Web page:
Between Ignorance and Truth: Partition Dependence and Learning in Judgment Under Uncertainty
Journal of Experimental Psychology: Learning, Memory, and Cognition, Vol. 32, No. 6, pp. 1385-1402, 2006
18 Pages Posted: 4 Dec 2006
In 3 studies, participants viewed sequences of multiattribute objects (e.g., colored shapes) appearing with varying frequencies and judged the likelihood of the attributes of those objects. Judged probabilities reflected a compromise between (a) the frequency with which each attribute appeared and (b) the ignorance prior probability cued by the number of distinct values that the focal attribute could take on. Thus, judged probabilities were partition dependent, varying with the number of events into which the state space was subjectively divided. This bias was diminished among participants more confident in what they learned, was strong and insensitive to level of confidence when ignorance priors were especially salient, and required ignorance priors to be salient only when probabilities were elicited (not during encoding).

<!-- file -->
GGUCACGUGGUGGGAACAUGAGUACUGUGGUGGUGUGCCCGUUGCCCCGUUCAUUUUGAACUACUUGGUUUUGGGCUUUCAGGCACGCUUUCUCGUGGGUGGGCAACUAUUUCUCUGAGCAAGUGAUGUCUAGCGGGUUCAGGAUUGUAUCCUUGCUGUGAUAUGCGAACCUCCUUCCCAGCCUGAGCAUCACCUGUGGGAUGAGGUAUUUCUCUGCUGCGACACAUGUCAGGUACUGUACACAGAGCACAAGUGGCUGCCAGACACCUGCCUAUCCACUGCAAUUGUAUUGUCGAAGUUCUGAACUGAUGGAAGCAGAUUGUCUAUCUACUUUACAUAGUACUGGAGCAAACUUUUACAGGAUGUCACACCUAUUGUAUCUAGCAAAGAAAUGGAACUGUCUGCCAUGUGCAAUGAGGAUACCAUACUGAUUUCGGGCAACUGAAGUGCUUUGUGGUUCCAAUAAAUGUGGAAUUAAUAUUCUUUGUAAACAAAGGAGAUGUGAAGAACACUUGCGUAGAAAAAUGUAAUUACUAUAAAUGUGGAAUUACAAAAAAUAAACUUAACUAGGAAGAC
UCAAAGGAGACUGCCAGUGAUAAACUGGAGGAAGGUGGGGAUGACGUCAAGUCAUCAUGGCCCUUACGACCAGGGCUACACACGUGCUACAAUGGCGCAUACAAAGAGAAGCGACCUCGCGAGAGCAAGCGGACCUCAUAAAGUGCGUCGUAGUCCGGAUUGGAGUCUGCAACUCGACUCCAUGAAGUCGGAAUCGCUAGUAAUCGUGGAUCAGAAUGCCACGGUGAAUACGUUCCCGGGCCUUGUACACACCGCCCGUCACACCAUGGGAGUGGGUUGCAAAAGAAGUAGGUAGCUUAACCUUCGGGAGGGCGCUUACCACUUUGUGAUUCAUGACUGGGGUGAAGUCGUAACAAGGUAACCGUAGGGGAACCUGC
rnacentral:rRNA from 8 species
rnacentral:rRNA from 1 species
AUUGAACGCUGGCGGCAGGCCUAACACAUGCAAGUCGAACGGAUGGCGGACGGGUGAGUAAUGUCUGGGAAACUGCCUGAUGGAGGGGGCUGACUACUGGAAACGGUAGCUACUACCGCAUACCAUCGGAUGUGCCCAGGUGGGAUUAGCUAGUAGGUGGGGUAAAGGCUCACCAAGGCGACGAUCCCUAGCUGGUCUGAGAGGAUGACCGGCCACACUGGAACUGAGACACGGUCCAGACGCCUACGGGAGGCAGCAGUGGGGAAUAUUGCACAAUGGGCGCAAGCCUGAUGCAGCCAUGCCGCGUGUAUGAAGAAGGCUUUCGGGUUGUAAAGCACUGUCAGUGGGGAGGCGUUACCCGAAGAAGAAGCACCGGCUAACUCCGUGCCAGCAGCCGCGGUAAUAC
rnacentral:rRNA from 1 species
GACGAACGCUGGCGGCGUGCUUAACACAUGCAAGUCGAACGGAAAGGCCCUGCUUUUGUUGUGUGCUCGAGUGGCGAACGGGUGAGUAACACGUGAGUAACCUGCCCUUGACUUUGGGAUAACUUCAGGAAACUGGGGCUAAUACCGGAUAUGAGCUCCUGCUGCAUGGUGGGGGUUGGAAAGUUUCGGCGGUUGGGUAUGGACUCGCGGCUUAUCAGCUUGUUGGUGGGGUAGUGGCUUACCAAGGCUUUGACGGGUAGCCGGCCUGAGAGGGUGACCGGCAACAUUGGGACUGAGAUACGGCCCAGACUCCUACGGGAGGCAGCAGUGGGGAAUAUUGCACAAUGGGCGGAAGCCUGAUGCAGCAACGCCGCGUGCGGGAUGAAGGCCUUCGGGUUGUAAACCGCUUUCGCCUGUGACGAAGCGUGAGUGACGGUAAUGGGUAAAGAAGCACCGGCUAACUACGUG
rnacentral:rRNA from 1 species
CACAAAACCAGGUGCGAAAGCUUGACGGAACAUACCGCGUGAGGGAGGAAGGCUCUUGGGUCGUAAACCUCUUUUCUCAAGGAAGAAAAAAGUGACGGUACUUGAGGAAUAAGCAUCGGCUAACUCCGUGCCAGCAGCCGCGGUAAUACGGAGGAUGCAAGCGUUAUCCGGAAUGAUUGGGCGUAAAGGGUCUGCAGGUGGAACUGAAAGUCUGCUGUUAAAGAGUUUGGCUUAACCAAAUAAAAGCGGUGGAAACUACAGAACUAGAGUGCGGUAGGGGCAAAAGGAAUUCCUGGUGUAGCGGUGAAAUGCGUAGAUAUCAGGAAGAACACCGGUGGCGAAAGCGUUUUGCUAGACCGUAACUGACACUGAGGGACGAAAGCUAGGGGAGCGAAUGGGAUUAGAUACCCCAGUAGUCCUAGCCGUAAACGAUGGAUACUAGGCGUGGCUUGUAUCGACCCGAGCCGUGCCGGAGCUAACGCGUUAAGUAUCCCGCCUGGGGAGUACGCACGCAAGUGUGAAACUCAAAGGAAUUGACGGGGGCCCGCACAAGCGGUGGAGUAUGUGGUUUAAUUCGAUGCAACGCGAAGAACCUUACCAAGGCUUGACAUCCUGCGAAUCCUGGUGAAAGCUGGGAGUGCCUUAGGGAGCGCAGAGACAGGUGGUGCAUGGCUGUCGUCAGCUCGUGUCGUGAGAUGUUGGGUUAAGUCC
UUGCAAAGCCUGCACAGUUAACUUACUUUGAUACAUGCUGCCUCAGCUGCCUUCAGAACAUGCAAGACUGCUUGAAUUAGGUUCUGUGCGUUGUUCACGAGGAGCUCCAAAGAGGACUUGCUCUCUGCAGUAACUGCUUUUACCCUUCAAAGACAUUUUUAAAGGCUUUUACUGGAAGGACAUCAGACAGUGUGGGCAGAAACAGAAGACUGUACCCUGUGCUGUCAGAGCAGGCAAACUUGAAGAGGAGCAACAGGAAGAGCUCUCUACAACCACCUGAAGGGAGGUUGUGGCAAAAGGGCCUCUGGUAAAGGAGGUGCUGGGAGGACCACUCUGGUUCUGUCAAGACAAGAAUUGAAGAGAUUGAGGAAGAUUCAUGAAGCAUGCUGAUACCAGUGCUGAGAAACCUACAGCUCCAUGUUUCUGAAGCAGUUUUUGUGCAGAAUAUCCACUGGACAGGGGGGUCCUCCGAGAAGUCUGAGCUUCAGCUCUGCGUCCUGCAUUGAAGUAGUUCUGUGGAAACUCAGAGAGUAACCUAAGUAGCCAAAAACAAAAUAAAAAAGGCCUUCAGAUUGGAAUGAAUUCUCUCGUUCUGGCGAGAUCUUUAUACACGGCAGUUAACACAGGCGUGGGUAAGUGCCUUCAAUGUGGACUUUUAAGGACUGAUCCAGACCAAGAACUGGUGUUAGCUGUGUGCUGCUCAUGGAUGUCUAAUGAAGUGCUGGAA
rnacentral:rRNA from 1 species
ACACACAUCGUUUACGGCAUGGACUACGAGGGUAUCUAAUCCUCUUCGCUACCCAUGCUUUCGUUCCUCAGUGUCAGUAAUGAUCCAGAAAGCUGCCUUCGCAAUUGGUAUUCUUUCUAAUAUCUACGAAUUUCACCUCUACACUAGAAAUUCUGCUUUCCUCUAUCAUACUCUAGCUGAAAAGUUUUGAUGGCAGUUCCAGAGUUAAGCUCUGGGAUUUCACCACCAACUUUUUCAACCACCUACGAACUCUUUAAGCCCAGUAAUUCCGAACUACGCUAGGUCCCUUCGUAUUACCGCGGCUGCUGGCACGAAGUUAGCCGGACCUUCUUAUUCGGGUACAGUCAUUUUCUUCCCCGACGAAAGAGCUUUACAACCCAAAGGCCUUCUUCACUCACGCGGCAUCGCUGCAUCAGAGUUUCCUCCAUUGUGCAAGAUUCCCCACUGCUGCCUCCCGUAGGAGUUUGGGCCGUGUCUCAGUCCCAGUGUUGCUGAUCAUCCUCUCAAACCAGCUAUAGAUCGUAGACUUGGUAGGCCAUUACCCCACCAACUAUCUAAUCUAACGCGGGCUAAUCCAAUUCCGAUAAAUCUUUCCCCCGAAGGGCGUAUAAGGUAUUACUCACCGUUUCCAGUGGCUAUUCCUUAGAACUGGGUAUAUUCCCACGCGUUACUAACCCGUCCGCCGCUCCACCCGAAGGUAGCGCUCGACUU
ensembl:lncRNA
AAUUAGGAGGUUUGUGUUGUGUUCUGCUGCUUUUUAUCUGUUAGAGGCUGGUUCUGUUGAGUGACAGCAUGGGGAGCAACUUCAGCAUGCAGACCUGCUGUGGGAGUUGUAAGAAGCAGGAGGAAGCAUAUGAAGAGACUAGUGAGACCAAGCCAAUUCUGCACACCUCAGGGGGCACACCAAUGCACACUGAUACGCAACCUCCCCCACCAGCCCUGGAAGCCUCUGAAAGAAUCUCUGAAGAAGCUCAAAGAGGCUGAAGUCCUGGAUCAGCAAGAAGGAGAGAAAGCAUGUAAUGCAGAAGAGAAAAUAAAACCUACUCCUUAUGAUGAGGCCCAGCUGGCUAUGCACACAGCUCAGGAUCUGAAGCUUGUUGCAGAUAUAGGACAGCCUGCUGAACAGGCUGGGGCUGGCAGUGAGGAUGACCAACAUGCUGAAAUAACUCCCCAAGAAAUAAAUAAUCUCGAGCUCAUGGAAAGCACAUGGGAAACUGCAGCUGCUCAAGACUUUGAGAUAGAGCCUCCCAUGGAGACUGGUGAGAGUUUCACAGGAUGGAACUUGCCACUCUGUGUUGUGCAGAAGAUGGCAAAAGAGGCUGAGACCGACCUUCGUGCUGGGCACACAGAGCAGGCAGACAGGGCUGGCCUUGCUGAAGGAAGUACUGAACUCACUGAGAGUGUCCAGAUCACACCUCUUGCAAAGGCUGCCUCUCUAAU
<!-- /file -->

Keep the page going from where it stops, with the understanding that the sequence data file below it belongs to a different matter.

Keywords: judgment, uncertainty, probability, learning, decision making
JEL Classification: A1, C9, D8
Suggested Citation: Suggested Citation